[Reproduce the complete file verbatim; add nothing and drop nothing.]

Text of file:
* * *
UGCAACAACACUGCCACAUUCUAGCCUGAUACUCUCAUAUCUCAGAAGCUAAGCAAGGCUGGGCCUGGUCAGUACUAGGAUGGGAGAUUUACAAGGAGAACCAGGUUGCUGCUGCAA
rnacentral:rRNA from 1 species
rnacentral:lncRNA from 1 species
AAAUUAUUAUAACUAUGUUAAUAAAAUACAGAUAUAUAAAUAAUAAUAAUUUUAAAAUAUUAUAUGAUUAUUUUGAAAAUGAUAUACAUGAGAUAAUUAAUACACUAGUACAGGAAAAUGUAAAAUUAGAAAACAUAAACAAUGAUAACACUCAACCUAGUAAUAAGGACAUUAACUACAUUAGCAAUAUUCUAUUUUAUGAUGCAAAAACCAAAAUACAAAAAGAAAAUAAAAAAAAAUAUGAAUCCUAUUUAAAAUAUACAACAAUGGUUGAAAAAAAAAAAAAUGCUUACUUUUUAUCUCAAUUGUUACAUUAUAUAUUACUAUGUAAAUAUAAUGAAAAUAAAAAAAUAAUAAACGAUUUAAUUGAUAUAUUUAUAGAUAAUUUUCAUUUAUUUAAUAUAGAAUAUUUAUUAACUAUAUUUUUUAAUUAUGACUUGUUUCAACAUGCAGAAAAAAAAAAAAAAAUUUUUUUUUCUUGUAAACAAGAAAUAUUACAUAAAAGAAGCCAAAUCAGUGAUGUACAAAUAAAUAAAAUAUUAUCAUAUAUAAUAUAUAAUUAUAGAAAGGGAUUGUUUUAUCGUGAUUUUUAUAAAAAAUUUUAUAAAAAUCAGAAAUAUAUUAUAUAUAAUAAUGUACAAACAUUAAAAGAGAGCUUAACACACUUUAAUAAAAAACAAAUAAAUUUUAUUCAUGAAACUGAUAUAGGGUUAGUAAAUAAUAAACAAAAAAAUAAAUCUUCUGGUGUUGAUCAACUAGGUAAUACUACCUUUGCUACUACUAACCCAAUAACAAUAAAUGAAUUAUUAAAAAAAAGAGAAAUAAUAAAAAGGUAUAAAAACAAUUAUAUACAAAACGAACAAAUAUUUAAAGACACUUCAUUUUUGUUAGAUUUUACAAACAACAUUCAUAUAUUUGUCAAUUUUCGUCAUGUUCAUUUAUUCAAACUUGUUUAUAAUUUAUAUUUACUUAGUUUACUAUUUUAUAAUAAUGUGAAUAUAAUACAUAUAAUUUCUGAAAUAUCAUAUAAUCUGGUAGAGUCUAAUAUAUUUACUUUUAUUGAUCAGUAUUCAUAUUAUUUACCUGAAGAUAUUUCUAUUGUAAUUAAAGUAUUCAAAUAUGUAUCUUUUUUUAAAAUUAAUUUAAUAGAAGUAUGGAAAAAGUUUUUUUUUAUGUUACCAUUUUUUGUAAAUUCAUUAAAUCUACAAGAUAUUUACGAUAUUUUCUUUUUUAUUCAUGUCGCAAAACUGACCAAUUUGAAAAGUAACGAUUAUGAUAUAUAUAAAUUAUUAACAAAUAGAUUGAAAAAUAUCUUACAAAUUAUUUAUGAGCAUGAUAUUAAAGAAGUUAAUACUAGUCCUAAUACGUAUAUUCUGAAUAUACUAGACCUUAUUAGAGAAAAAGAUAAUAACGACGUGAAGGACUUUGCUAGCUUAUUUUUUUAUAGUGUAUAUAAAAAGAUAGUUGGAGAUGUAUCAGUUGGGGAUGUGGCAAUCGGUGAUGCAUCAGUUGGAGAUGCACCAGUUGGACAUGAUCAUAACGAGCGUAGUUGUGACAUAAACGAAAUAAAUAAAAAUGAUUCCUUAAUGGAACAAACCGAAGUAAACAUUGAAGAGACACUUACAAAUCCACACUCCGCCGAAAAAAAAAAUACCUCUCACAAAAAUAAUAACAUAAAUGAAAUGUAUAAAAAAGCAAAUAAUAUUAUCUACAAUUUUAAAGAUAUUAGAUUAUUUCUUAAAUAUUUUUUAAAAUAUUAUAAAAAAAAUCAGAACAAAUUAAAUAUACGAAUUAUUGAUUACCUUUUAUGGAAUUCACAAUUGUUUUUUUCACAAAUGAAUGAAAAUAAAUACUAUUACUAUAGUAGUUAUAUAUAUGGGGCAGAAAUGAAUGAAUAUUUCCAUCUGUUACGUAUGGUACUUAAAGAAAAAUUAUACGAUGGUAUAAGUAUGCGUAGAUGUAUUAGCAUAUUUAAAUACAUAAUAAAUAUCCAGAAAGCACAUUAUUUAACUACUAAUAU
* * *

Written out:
UGCAACAACACUGCCACAUUCUAGCCUGAUACUCUCAUAUCUCAGAAGCUAAGCAAGGCUGGGCCUGGUCAGUACUAGGAUGGGAGAUUUACAAGGAGAACCAGGUUGCUGCUGCAA
rnacentral:rRNA from 1 species
rnacentral:lncRNA from 1 species
AAAUUAUUAUAACUAUGUUAAUAAAAUACAGAUAUAUAAAUAAUAAUAAUUUUAAAAUAUUAUAUGAUUAUUUUGAAAAUGAUAUACAUGAGAUAAUUAAUACACUAGUACAGGAAAAUGUAAAAUUAGAAAACAUAAACAAUGAUAACACUCAACCUAGUAAUAAGGACAUUAACUACAUUAGCAAUAUUCUAUUUUAUGAUGCAAAAACCAAAAUACAAAAAGAAAAUAAAAAAAAAUAUGAAUCCUAUUUAAAAUAUACAACAAUGGUUGAAAAAAAAAAAAAUGCUUACUUUUUAUCUCAAUUGUUACAUUAUAUAUUACUAUGUAAAUAUAAUGAAAAUAAAAAAAUAAUAAACGAUUUAAUUGAUAUAUUUAUAGAUAAUUUUCAUUUAUUUAAUAUAGAAUAUUUAUUAACUAUAUUUUUUAAUUAUGACUUGUUUCAACAUGCAGAAAAAAAAAAAAAAAUUUUUUUUUCUUGUAAACAAGAAAUAUUACAUAAAAGAAGCCAAAUCAGUGAUGUACAAAUAAAUAAAAUAUUAUCAUAUAUAAUAUAUAAUUAUAGAAAGGGAUUGUUUUAUCGUGAUUUUUAUAAAAAAUUUUAUAAAAAUCAGAAAUAUAUUAUAUAUAAUAAUGUACAAACAUUAAAAGAGAGCUUAACACACUUUAAUAAAAAACAAAUAAAUUUUAUUCAUGAAACUGAUAUAGGGUUAGUAAAUAAUAAACAAAAAAAUAAAUCUUCUGGUGUUGAUCAACUAGGUAAUACUACCUUUGCUACUACUAACCCAAUAACAAUAAAUGAAUUAUUAAAAAAAAGAGAAAUAAUAAAAAGGUAUAAAAACAAUUAUAUACAAAACGAACAAAUAUUUAAAGACACUUCAUUUUUGUUAGAUUUUACAAACAACAUUCAUAUAUUUGUCAAUUUUCGUCAUGUUCAUUUAUUCAAACUUGUUUAUAAUUUAUAUUUACUUAGUUUACUAUUUUAUAAUAAUGUGAAUAUAAUACAUAUAAUUUCUGAAAUAUCAUAUAAUCUGGUAGAGUCUAAUAUAUUUACUUUUAUUGAUCAGUAUUCAUAUUAUUUACCUGAAGAUAUUUCUAUUGUAAUUAAAGUAUUCAAAUAUGUAUCUUUUUUUAAAAUUAAUUUAAUAGAAGUAUGGAAAAAGUUUUUUUUUAUGUUACCAUUUUUUGUAAAUUCAUUAAAUCUACAAGAUAUUUACGAUAUUUUCUUUUUUAUUCAUGUCGCAAAACUGACCAAUUUGAAAAGUAACGAUUAUGAUAUAUAUAAAUUAUUAACAAAUAGAUUGAAAAAUAUCUUACAAAUUAUUUAUGAGCAUGAUAUUAAAGAAGUUAAUACUAGUCCUAAUACGUAUAUUCUGAAUAUACUAGACCUUAUUAGAGAAAAAGAUAAUAACGACGUGAAGGACUUUGCUAGCUUAUUUUUUUAUAGUGUAUAUAAAAAGAUAGUUGGAGAUGUAUCAGUUGGGGAUGUGGCAAUCGGUGAUGCAUCAGUUGGAGAUGCACCAGUUGGACAUGAUCAUAACGAGCGUAGUUGUGACAUAAACGAAAUAAAUAAAAAUGAUUCCUUAAUGGAACAAACCGAAGUAAACAUUGAAGAGACACUUACAAAUCCACACUCCGCCGAAAAAAAAAAUACCUCUCACAAAAAUAAUAACAUAAAUGAAAUGUAUAAAAAAGCAAAUAAUAUUAUCUACAAUUUUAAAGAUAUUAGAUUAUUUCUUAAAUAUUUUUUAAAAUAUUAUAAAAAAAAUCAGAACAAAUUAAAUAUACGAAUUAUUGAUUACCUUUUAUGGAAUUCACAAUUGUUUUUUUCACAAAUGAAUGAAAAUAAAUACUAUUACUAUAGUAGUUAUAUAUAUGGGGCAGAAAUGAAUGAAUAUUUCCAUCUGUUACGUAUGGUACUUAAAGAAAAAUUAUACGAUGGUAUAAGUAUGCGUAGAUGUAUUAGCAUAUUUAAAUACAUAAUAAAUAUCCAGAAAGCACAUUAUUUAACUACUAAUAU